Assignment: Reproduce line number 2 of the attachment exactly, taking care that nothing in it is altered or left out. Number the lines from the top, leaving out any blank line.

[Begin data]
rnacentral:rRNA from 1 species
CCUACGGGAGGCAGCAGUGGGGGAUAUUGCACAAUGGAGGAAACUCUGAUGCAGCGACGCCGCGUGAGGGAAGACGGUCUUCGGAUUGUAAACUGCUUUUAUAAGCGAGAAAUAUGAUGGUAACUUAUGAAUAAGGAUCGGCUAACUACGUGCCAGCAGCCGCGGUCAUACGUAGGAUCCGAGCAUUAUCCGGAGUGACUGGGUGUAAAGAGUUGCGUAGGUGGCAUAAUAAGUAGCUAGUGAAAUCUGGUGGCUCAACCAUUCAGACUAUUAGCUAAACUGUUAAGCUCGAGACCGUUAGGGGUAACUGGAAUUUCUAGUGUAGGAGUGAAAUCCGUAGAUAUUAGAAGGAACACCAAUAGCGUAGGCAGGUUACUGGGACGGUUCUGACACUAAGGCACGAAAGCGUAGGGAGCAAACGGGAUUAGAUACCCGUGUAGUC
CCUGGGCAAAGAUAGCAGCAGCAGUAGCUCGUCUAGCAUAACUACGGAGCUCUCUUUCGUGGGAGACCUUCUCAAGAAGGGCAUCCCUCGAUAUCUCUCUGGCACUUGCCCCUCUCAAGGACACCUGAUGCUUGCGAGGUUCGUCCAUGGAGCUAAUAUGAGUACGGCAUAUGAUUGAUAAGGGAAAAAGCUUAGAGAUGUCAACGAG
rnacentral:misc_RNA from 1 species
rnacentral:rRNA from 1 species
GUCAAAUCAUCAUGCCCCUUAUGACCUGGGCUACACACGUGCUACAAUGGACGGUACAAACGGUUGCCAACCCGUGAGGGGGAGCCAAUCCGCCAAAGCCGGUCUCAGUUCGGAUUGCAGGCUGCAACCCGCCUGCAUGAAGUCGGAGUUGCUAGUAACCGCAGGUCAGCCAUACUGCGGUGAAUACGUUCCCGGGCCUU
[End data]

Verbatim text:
CCUACGGGAGGCAGCAGUGGGGGAUAUUGCACAAUGGAGGAAACUCUGAUGCAGCGACGCCGCGUGAGGGAAGACGGUCUUCGGAUUGUAAACUGCUUUUAUAAGCGAGAAAUAUGAUGGUAACUUAUGAAUAAGGAUCGGCUAACUACGUGCCAGCAGCCGCGGUCAUACGUAGGAUCCGAGCAUUAUCCGGAGUGACUGGGUGUAAAGAGUUGCGUAGGUGGCAUAAUAAGUAGCUAGUGAAAUCUGGUGGCUCAACCAUUCAGACUAUUAGCUAAACUGUUAAGCUCGAGACCGUUAGGGGUAACUGGAAUUUCUAGUGUAGGAGUGAAAUCCGUAGAUAUUAGAAGGAACACCAAUAGCGUAGGCAGGUUACUGGGACGGUUCUGACACUAAGGCACGAAAGCGUAGGGAGCAAACGGGAUUAGAUACCCGUGUAGUC